Tags : :
Originally Posted by EricN on February 3, 2010 at 11:26pm
Axiotron has dropped the ball on Quickflip, their proposed screen rotation utility that would, like the iPhone, automatically adjust the orientation of the display to match the way the user is holding Modbook. They announced last January, a full year ago, that this would be a free download for Modbooks that support display rotation (which so far are only those with Nvidia graphics chips). Well, we are still waiting.
It occurred to me recently that unlike Axiotron's other broken promises for 2009, the Modbook Pro and Synergy Touch, Quickflip is relatively easy to do. In fact, with Amit Singh's AMSTracker (download here) and my meager AppleScript skills, I think this is doable.
The catch is the Modbook's Sudden Motion Sensor(SMS) that detects forces on the Modbook and makes Quickflip possible may need calibration, may work work differently in Modbooks made from different Macbooks, and, to make matters more complicated, I'm concerned that the SMS in my Modbook may not be working properly.
But no problem. We can make this a community effort. I've downloaded AMSTracker and noted its readings for different orientations of my Modbook. If bunch of other Modbook users do the same, I'm confident that we could put together an AppleScript that runs in the background and re-orients the display in response to movements of the Modbook.
The AMSTracker reads the forces (accelerations) on the SMS in the x, y, and z directions.
For example, when my Modbook is flat on the floor, AMSTracker generates the following output:
Last login: Wed Feb 3 17:11:47 on ttys000
$ /Volumes/AMSTracker\ 0.34/AMSTracker ; exit;
AMS hardware present and initialized
-5 -1 12
So for flat, the readings are x: -5, y: -1 z: 12.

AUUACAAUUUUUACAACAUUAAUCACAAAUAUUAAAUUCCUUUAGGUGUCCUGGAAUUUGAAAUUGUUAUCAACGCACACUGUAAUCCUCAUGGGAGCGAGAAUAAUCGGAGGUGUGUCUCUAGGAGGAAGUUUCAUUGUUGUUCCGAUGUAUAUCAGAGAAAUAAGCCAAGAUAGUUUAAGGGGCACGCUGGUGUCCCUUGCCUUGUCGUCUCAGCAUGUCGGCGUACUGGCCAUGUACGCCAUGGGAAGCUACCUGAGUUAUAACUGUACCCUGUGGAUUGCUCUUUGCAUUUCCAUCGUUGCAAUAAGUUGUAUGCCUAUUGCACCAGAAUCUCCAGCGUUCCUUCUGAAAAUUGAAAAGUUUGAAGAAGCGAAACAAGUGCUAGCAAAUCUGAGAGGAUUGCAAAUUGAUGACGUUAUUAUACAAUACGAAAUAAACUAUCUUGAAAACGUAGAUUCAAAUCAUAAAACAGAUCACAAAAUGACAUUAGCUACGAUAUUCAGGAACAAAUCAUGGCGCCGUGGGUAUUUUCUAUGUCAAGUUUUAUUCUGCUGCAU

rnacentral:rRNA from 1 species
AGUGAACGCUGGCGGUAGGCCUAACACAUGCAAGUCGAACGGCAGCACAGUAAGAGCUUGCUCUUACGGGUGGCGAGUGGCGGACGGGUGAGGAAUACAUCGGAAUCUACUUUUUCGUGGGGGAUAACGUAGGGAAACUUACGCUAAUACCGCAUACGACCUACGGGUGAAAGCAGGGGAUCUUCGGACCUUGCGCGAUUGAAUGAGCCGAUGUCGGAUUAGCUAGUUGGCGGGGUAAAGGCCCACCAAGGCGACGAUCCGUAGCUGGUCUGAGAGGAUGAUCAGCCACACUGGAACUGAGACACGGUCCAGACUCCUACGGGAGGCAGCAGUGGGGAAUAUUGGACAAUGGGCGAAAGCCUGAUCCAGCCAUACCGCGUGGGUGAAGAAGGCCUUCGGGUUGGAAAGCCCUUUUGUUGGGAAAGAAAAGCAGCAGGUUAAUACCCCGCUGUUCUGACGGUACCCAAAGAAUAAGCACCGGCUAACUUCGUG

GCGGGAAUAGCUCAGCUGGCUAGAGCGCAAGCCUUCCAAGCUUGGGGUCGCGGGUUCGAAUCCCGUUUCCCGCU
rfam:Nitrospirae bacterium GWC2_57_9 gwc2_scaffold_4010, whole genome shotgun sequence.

I've made a bunch of other measurements.
First, rotating around the x-axis:
For +90º rotation about x-axis, x=-7 y=-1 z=11.
For +45º rotation about x-axis, x=-14 y=-1 z=-51.
For -90º rotation about x-axis, x=-10 y=-1 z=10.
For -45º rotation about x-axis, x=-7 y=-1 z=81.
Then, rotating around the y-axis:
For +90º rotation about y-axis, x=-11 y=0 z=7.
For +45º rotation about y-axis, x=-79 y=0 z=14.
For -90º rotation about y-axis, x=-2 y=-2 z=14.
For -45º rotation about y-axis, x=63 y=-1 z=13.
As you can see, my SMS doesn't measure much force in the y-direction. Perhaps this is normal, but I'm guessing not.
Please contribute to the effort. Download AMSTracker, get the readings for these orientations, and post them in a reply below along with the model and processor of your Modbook. Let's make this happen.
Oh, yes, my Modbook is 2.4 GHz core2duo 800 MHz bus speed (from System Profiler or About This Mac) made from an early 2008 Macbook.
Questions and Tasks
Get this SMS/orientation data for a variety of Modbooks:
2.4 GHz core2duo 800 MHz bus speed, early 2008
2.13 GHz core2duo, 1066 Hz Bu,s Nvidia Graphics Mid 2009.
Is there better info on the SMS than Amit Singh's site?
Where is the SMS? Is it on the disk drive? If you replace the hard disk with a solid state drive, will it still work?
Certainly, we could build a GUI script to rotate the display, but there is probably a property list (.plist) file somewhere that controls the display, that would make the script faster and easier. Where is the .plist file and what is the property list key controlling display orientation?
What else should we think about?